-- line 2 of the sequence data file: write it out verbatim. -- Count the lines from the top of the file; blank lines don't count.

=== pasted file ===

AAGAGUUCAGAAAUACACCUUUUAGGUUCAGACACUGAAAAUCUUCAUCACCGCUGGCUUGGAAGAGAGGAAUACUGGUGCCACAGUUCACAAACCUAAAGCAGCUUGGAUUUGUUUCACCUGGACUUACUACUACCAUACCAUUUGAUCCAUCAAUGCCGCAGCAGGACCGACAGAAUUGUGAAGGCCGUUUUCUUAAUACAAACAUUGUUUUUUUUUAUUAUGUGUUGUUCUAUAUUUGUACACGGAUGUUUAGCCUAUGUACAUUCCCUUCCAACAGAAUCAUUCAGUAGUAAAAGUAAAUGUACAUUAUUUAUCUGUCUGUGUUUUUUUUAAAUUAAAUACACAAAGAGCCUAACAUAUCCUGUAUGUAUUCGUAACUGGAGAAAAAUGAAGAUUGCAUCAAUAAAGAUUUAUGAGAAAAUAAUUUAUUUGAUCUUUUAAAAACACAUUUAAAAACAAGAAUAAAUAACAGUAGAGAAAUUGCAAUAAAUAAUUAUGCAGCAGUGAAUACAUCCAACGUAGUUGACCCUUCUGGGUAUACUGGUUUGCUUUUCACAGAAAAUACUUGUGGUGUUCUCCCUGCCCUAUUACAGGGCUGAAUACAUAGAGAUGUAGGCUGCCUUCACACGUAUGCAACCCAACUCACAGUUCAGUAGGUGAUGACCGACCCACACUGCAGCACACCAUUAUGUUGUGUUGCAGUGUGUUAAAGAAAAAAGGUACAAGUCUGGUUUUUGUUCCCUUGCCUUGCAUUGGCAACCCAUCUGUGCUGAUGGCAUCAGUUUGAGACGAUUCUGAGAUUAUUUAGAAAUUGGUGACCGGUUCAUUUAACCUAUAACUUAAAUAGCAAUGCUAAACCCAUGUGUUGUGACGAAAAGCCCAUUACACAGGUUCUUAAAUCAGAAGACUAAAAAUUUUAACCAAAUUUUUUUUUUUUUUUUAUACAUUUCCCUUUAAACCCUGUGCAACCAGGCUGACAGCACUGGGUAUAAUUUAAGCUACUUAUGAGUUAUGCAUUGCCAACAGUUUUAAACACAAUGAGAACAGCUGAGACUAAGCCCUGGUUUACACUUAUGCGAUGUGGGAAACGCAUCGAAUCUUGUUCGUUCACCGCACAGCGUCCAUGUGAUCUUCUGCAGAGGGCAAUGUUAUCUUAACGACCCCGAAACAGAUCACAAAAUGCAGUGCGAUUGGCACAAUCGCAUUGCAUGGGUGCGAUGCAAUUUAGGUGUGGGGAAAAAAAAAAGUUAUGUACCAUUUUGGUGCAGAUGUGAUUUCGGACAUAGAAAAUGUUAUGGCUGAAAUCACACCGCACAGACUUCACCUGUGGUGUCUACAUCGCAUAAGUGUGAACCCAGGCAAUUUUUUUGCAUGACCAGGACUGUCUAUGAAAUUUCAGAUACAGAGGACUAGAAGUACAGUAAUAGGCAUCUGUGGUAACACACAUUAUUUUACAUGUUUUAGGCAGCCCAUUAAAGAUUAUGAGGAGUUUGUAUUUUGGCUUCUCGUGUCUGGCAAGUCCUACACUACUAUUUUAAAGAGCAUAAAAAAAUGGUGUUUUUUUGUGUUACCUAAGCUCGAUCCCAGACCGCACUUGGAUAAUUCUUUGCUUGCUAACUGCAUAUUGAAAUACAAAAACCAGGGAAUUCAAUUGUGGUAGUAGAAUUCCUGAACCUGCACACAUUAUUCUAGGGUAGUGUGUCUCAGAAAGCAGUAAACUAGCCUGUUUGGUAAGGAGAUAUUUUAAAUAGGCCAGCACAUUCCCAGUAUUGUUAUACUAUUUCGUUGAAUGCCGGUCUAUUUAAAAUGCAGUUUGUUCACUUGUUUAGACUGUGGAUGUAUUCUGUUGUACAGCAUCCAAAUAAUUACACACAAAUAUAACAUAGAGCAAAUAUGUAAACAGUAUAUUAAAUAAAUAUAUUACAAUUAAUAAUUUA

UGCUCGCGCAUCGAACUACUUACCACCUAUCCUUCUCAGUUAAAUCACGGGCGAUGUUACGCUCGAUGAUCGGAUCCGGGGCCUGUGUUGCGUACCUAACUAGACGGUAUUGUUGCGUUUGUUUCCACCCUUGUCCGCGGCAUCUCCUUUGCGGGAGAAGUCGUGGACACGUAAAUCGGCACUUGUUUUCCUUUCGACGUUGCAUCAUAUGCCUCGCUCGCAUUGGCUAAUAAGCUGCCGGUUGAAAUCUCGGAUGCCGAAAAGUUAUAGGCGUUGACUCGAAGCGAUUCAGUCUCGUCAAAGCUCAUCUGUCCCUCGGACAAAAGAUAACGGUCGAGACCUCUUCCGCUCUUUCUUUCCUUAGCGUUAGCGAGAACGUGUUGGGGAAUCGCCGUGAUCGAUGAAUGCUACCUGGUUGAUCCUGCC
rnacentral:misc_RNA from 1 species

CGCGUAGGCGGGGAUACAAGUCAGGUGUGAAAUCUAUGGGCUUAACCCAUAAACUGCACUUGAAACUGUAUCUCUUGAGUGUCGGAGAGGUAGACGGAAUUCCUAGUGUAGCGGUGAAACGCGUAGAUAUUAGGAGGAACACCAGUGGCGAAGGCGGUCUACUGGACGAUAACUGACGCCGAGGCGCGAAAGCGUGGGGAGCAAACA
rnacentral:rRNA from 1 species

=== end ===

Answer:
UGCUCGCGCAUCGAACUACUUACCACCUAUCCUUCUCAGUUAAAUCACGGGCGAUGUUACGCUCGAUGAUCGGAUCCGGGGCCUGUGUUGCGUACCUAACUAGACGGUAUUGUUGCGUUUGUUUCCACCCUUGUCCGCGGCAUCUCCUUUGCGGGAGAAGUCGUGGACACGUAAAUCGGCACUUGUUUUCCUUUCGACGUUGCAUCAUAUGCCUCGCUCGCAUUGGCUAAUAAGCUGCCGGUUGAAAUCUCGGAUGCCGAAAAGUUAUAGGCGUUGACUCGAAGCGAUUCAGUCUCGUCAAAGCUCAUCUGUCCCUCGGACAAAAGAUAACGGUCGAGACCUCUUCCGCUCUUUCUUUCCUUAGCGUUAGCGAGAACGUGUUGGGGAAUCGCCGUGAUCGAUGAAUGCUACCUGGUUGAUCCUGCC